Brian O'Driscoll insists he will not be on a mission to right any wrongs when he lines up for the 2009 British and Irish Lions.
Ireland's Grand Slam captain leads the Lions at Ellis Park on Wednesday night - four years after he suffered a dislocated shoulder inside two minutes of the opening Test match against New Zealand. He exited the tour on a stretcher.
But the 30-year-old is now set to launch his third Lions trip by taking over leadership duties from rested tour captain Paul O'Connell.
And he will run out against the Golden Lions at the peak of his powers, having inspired Ireland to RBS 6 Nations and Grand Slam glory, then helped Leinster land their first European title.
"For me, it is not really about trying to put the wrongs of that right," said 2005 Lions captain O'Driscoll, reflecting on his ill-fated trip. "It is just another opportunity to be out playing in a Lions jersey.
"Not until you get back playing again from any injury can you really forget about it and put it behind you.
"It's not so much the incident itself, it's just the injury that happened. A dislocated shoulder is going to keep you out for a long time, so once I was back playing everything was behind me.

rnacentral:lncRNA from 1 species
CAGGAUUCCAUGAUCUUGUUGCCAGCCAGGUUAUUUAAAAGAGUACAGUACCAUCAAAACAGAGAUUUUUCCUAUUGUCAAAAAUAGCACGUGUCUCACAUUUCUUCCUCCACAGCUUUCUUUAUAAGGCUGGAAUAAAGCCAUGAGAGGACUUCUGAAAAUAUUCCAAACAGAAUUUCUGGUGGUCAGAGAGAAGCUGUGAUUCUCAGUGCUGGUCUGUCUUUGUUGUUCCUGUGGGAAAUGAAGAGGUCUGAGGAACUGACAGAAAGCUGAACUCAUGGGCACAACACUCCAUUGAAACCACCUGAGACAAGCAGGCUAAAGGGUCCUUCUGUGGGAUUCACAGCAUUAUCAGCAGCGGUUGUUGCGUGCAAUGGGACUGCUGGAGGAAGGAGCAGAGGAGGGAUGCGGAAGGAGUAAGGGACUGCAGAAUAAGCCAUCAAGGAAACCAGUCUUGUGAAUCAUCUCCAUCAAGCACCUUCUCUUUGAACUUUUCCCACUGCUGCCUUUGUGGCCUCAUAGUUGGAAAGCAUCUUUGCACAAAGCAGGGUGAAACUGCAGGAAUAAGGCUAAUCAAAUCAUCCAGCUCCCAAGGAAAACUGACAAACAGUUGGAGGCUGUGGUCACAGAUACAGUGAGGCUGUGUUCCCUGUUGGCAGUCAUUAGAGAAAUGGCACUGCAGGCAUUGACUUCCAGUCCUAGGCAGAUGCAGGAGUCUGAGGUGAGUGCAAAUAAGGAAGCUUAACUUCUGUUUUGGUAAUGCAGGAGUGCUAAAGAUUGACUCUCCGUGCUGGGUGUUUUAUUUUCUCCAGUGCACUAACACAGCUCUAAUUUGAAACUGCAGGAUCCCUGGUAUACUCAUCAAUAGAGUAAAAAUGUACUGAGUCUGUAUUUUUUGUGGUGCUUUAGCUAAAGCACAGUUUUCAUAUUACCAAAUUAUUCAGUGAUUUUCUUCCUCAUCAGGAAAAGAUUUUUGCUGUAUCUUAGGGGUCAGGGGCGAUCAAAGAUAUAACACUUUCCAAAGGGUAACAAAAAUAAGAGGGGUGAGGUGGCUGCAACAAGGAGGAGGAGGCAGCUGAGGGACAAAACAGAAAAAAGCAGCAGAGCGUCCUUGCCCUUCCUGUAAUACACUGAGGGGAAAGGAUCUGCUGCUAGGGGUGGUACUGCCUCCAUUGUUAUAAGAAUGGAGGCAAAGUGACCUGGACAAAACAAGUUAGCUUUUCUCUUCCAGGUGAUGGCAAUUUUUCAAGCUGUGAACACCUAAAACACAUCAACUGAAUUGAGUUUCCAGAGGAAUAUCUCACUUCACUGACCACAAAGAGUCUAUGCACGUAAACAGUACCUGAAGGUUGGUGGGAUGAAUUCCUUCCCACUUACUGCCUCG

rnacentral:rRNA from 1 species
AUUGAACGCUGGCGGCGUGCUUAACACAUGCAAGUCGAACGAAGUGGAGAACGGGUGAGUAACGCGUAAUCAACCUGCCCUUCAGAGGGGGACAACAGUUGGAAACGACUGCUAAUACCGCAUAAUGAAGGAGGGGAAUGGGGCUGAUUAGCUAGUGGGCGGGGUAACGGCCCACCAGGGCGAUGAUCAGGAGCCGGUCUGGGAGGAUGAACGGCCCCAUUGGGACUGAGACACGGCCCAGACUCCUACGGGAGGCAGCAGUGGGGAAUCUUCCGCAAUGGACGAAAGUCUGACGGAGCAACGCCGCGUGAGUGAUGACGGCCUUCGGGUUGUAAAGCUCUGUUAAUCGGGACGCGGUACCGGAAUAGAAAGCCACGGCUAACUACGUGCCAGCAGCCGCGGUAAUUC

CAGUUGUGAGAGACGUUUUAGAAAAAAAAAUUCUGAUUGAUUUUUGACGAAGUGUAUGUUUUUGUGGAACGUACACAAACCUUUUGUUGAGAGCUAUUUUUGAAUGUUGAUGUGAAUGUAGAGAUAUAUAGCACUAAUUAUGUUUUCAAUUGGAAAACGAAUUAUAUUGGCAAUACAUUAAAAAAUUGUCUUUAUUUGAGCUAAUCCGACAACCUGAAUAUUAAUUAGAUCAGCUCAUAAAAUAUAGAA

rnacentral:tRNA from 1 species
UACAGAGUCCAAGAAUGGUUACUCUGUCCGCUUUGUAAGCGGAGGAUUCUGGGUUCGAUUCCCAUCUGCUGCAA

"I always hoped I would get on this Lions tour. It's exciting every day putting on Lions training kit because you know you have to bring your 'A' game to training. If you don't, you get shown up very quickly.
"I think I have played 24 games this year, and touch wood, for the most part, I've been fairly injury-free.
"Those sort of factors make a huge difference, and you are able to get continuity of performance, which counts for a huge amount."
O'Driscoll's potential worth to the Lions cannot be quantified.
He is a proven match-winner and offers a pivotal midfield presence for the tourists in their quest to rock world champions South Africa and repeat the famous 1997 Test series triumph on Springbok soil.
"Brian has had a great year," acknowledged Lions assistant coach Warren Gatland.
"He looks as if he is really on top of his game, and he is very important to us. You can tell his class in the environment we have.
"He may only play a couple of games before the first Test, and we are conscious of looking after him given the fact we don't have a lot of cover in the midfield positions at the moment.
"It is up to the forwards to do a good job, get on the front foot and deliver some quality ball to take the pressure off him."
After Ireland's heroic big-game hunt of the Springboks and Scotland's six-try runaround of the Pumas, the challenge of engineering the most spectacular win of the autumn series now falls on Wales, writes Peter Jackson.